TTP Working Paper: 60 Days Out

60 days from now, on November 3, the American presidency will be decided. Or at least that’s when most Americans who vote go to the polls, do whatever ritual of choice and choosing in their heads, and cast their ballot. As of this writing, 60 days from now the time of decision begins.

Seems like a good time to bring back the yardstick! Yes, I’m referring to the research and analysis I’ve done on the 9 POTUSes—the 9 Presidents of the United States who a) won and completed a first term; b) won re-nomination as their party’s candidate for the presidency, but c) lost the re-election. 9 POTUSes since the first such US election in 1789.

9 out of 44 POTUSes.

60 days from now begins the final tally on whether we stay with POTUS 45 or have POTUS 46. If it’s the latter, then we mark a new line on the yardstick: 10 POTUSes. But that’s still the future. We’re always in the present and that means it’s 60 days out with 9 POTUSes on the yardstick.

I thought it would be revealing to look at where things stood 60 days out for each of our 9. What was true for them two months before election day? In asking and answering this question 9 times, it will give us one more point of measurement to use in placing our own year—yes, our friend, 2020—in an illuminating historical context. As I’ve said before, as is always true before in my ministry here at Historical Solutions LLC, I offer you this analysis not as a Dem or Repub, not as a pro-Maga or anti-Maga, not as a Fox guy or a MSNBC guy. I’m doing it as a consulting leadership historian whose Purpose in life is to help you see and know and use the past in a new way.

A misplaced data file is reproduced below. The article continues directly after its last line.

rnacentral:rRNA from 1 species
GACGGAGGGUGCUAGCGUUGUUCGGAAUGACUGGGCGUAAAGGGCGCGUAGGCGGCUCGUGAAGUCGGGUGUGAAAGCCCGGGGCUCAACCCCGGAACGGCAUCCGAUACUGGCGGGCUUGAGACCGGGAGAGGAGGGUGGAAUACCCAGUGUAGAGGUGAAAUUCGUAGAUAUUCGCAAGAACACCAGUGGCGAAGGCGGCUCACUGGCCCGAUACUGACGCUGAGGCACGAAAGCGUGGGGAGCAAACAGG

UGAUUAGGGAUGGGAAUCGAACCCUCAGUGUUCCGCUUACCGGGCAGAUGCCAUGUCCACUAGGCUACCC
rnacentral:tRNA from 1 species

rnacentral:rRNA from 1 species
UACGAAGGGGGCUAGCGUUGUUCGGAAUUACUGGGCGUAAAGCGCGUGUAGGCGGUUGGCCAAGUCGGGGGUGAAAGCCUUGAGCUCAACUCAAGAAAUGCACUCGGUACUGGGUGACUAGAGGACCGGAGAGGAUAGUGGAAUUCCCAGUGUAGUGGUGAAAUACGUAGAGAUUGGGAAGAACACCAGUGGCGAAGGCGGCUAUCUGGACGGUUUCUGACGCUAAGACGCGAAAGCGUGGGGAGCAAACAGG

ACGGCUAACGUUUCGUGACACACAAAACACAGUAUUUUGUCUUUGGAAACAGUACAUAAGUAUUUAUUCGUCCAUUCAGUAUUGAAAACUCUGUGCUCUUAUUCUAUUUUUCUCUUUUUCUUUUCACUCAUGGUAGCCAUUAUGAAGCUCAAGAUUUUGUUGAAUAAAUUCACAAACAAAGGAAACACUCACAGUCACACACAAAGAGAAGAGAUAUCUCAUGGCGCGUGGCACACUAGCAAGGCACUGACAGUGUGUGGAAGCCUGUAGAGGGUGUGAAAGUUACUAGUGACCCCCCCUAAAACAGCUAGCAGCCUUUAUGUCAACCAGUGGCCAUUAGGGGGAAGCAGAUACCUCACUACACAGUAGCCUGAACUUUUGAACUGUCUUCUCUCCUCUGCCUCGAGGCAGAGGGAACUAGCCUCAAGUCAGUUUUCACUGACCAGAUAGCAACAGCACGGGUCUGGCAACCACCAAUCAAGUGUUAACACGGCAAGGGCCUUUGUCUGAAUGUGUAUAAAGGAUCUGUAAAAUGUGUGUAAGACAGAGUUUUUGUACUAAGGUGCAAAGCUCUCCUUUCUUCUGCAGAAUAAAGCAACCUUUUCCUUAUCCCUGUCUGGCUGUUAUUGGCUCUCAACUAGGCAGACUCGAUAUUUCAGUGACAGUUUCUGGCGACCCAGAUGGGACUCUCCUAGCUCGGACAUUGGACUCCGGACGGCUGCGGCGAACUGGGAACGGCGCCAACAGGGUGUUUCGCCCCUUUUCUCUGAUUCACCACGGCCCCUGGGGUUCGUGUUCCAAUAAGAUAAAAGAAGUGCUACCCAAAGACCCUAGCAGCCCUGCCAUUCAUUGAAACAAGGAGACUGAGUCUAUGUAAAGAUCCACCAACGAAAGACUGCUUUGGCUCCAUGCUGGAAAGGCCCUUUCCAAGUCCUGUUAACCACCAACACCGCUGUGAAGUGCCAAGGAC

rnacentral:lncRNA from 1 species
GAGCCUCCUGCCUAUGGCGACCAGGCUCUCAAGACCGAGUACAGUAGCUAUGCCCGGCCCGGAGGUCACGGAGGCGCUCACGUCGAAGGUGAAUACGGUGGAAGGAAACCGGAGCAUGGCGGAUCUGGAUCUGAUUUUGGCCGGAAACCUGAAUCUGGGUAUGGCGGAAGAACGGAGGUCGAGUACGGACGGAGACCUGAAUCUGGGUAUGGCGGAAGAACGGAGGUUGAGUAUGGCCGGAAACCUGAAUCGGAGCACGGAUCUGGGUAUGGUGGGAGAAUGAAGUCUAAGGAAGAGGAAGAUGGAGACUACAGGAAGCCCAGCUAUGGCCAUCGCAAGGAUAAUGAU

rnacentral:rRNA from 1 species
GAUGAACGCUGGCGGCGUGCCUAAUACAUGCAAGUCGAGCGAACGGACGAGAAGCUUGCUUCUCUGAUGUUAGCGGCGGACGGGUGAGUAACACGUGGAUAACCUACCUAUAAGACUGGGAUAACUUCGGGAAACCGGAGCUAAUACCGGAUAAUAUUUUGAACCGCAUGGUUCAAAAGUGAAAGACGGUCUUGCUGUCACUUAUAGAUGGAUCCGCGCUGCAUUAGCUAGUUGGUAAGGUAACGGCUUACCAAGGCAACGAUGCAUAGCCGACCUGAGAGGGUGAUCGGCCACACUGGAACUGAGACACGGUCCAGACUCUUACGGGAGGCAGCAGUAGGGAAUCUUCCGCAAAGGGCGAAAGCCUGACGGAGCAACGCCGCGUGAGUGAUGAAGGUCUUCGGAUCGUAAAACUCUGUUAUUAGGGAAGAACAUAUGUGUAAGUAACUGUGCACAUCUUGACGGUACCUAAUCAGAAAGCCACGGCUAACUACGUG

If you haven’t seen the results of my research and analysis on the 9 POTUSes, here you go.

Here we go…

60 Days Out…

…from election day, 1992—George H.W. Bush continues to lag substantially behind challenger Bill Clinton. A sharp-toned socially oriented speech by Patrick Buchanan, one of Bush’s Republican competitors at the National Convention a few weeks before, boosts Bush’s poll ratings slightly. However, the speech reverberates awkwardly for the more moderately-inclined Bush. Bush’s campaign strategists hope for the return of a third-party candidate, wealthy businessman Ross Perot, who they believe may be their last chance to dig into the public support for Clinton and help Bush’s popularity. A major hurricane strikes Florida, producing a campaign question as to whether the event will affect public opinion of incumbent President Bush.

60 days out…

…from election day 1980, and POTUS Jimmy Carter continues blasting his challenger Ronald Reagan as inexperienced, insubstantial, unpredictable, unintelligent, and unreliable. Economic stagnation and a national feeling of decline remain in view. The latter is still starkly typified by the ongoing crisis in Iran, with Iranian Islamic revolutionaries holding 52 American hostages. A key point at this moment is intense negotiations over a presidential debate. Carter is refusing to participate in a debate if the third-party candidate, John Andersen, is included on stage. As of today, Reagan and Andersen prepare for their own 2-person debate three weeks from now. Meanwhile, Carter has made an amazing come-back in poll ratings. The race is essentially even at this point.

60 days out…